|LETTER TO EDITOR
|Year : 2000 | Volume
| Issue : 4 | Page : 218-219
Dermatoses Associated with Atopic Dermatitis (le)
RR Mittal, RLS Walia, AK Gill, N Bansal
R R Mittal
Source of Support: None, Conflict of Interest: None
|How to cite this article:|
Mittal R R, Walia R, Gill A K, Bansal N. Dermatoses Associated with Atopic Dermatitis (le). Indian J Dermatol Venereol Leprol 2000;66:218-9
|How to cite this URL:|
Mittal R R, Walia R, Gill A K, Bansal N. Dermatoses Associated with Atopic Dermatitis (le). Indian J Dermatol Venereol Leprol [serial online] 2000 [cited 2019 Sep 21];66:218-9. Available from: http://www.ijdvl.com/text.asp?2000/66/4/218/4928
To the Editor,
Atopic dermatitis (AD) is a chronically relapsing skin disorder of early infancy, childhood, adolescence and even adulthood, frequently associated with elevated serum IgE levels and a personal or family history of atopic disorders. Management of AD is a difficult proposition due to it being a life long process and multiple associations and complications. Moreover many dermatoses are frequently associated and contribute to its chronicity, severity through exacerbations and psychological stress. Infections i.e. bacterial,  fungal  and viral  are frequent in AD patients, being recurrent, chronic and widespread. Other dermatoses too are common like alopecia areata  drug reactions, pigmentary disorders etc.
A study of associated dermatoses in AD patients was conducted to know their management in AD. Out of 550 patients of AD studied over a period of 2 years at the Department of DermatoVenereology, Rajindra Hospital, Patiala, 97 patients had one or more significant dermatoses. Fungal infections that are superficial mycoses, mostly recurrent and chronic were present in 23/97 cases of AD and presented as tinea cruris in 10/23, tinea corporis in 6/23, tinea capitis in 3/23, tinea corporis with tinea cruris and tinea unguium in 1/23, tinea pedis with tinea unguium in 1/23, candidal intertrigo in 1/23 and otomycosis due to Aspergillus flavus in 1/23. Tinea corporis and tinea cruris took 8 weeks for cure with oral fluconazole and topical antifungals instead of usual 4 weeks required and others too needed longer periods of therapy. Bacterial infections were present in 33/97, were recurrent and presented as impetigo contagiosa in 12/33, furunculosis in 88/ 33, abscesses in 6/33, folliculitis in 4/33, carbuncles in 2/33 and cellulitis in 1/33, causative organisms mainly were staphylococci. Response to treatment was good but relapses were frequent. Viral infections were present in 15/97, as molluscum contagiosum in 6/15, warts in 4/15 and herpetic infections in 5/15 including a case presenting as eczema herpeticum. Response to treatment was moderate but recurrences were common. Pigmentary disurbances as hypo and hyperpigmentation were present. 6/97 had post inflammatory depigmentation, 4/97 had widespread hyperpigmentation which was uniform, dark brown and bilaterally symmetrical, 8/97 had cutaneous amyloidosis as macular amyloidosis in 6 and biphasic amyloidosis in 2 cases. Drug reactions (active) were present in 6/97 in the form of exaggeration of AD in 3, fixed drug eruptions in 2 and urticaria in 1, although many gave history of drug reactions earlier.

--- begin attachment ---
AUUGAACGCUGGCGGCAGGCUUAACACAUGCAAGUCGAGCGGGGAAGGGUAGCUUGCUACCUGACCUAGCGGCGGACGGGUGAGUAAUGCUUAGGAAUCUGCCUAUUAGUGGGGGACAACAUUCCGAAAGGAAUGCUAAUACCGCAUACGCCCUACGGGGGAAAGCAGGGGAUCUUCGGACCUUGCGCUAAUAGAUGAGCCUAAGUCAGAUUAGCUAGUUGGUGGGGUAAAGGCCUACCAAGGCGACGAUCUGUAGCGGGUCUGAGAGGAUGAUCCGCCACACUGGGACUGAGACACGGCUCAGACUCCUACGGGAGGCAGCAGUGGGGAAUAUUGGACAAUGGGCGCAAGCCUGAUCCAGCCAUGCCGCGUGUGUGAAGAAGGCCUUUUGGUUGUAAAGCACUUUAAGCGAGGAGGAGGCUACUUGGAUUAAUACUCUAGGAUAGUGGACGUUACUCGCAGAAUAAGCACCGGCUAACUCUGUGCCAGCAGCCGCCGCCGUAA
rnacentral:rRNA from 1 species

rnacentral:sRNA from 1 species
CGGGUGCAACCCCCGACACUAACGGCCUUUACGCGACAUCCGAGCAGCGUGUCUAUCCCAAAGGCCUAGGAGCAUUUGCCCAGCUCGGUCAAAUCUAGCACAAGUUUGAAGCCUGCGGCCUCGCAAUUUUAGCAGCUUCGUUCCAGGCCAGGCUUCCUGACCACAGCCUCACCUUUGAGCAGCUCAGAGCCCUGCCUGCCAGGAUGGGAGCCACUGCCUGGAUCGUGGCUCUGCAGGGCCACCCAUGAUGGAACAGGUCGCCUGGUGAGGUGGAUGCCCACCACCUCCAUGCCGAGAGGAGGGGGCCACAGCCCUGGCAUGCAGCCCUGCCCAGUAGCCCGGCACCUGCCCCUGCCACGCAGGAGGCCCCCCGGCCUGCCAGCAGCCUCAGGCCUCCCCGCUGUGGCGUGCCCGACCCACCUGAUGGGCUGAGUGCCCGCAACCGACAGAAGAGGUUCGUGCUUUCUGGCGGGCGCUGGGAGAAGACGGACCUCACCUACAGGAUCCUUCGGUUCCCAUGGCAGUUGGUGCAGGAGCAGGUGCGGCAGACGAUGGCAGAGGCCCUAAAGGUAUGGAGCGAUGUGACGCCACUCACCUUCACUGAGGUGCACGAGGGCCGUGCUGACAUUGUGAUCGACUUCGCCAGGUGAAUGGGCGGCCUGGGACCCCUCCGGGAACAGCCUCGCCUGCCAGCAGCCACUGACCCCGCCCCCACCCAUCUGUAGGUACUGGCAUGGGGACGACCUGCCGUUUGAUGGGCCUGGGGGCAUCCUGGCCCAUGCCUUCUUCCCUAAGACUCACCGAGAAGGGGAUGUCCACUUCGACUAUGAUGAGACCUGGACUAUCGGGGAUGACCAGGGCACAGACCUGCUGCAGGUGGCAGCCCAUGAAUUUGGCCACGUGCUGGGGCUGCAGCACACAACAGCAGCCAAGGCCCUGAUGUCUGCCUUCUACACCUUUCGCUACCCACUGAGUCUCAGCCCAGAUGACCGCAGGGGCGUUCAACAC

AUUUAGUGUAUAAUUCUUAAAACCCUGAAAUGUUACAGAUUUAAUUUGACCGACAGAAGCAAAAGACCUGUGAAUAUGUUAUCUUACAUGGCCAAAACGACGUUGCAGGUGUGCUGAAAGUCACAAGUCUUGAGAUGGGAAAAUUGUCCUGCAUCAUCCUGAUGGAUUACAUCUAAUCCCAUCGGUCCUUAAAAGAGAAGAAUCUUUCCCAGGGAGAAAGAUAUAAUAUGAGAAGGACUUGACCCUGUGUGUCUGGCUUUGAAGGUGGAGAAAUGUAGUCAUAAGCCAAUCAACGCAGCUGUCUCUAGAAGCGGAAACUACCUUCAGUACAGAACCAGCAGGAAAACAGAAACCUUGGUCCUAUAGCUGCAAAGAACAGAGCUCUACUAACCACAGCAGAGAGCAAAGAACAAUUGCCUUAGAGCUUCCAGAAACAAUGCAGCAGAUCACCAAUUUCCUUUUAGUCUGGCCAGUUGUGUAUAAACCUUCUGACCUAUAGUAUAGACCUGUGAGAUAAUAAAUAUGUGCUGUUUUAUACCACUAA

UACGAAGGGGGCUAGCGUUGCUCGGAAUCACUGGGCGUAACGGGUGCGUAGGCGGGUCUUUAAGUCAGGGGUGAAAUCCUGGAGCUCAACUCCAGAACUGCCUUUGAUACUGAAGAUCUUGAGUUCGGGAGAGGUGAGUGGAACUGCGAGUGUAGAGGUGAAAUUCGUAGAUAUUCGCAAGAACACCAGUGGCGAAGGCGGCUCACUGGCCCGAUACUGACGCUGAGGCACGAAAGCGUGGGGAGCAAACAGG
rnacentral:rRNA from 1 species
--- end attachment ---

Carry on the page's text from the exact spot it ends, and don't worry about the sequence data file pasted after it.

Alopecia areata was present in 5/97 cases including one presenting as ophiasis. Many other dermatoses were present i.e. seborrhoea capitis in 5/97, prurigo nodularis in 3/97, keloids in 2/97 and pityriasis versicolor, idiopathic urticaria, persistent dermographism, actinic prurigo, post herpetic neuralgia, maggots infestation, acne, naevus, seborrhoeic keratosis, necrobiosis lipoidica, delusional parasitosis, colloid milium, xanthelasma, hirsutism and pincer nail deformity were present in one case each.
Varied infections were associated mostly in cases of AD and as systemic steroids may precipitate/ aggravate these infections, minimum use of systemic and high potency topical steroids in AD patients is advocated. Other preventive easures like use of weak soaps i.e. having high total fat material (T F M.) followed by emollients, avoidance of excessive sun, wearing otton clothes, putting 1-2 crystals of potassium permanganate in bathing water, too help in better management. Hence arly diagnosis and treatment of associated dermatosis in AD patients and further prevention of recurrences alongwith encouragement will go a long way inmanaging AD.
| References|| |
|1.||Champion RH, Parish WE. Atopic dermatitis, in: Textbook of Dermatology: 5th edition, edited by Champion RH, Burton JL, Ebling FIG, Blackwell Scientific Publications, Oxford, 1992; 1: 589-610. |
|2.||Rystedt I. Atopic dermatitis: Review of the literature. Acta Derm Venereol 1985; Suppl. 117: 9-14. |
|3.||Sehgal VN, Jain S. Atopic dermatitis: Clinical criteria. Int J Dermatol 1993; 32: 628-636. [PUBMED] |
|4.||Ikeda T A new classification of alopecia areata. Dermatologica 1968;131:421-445. |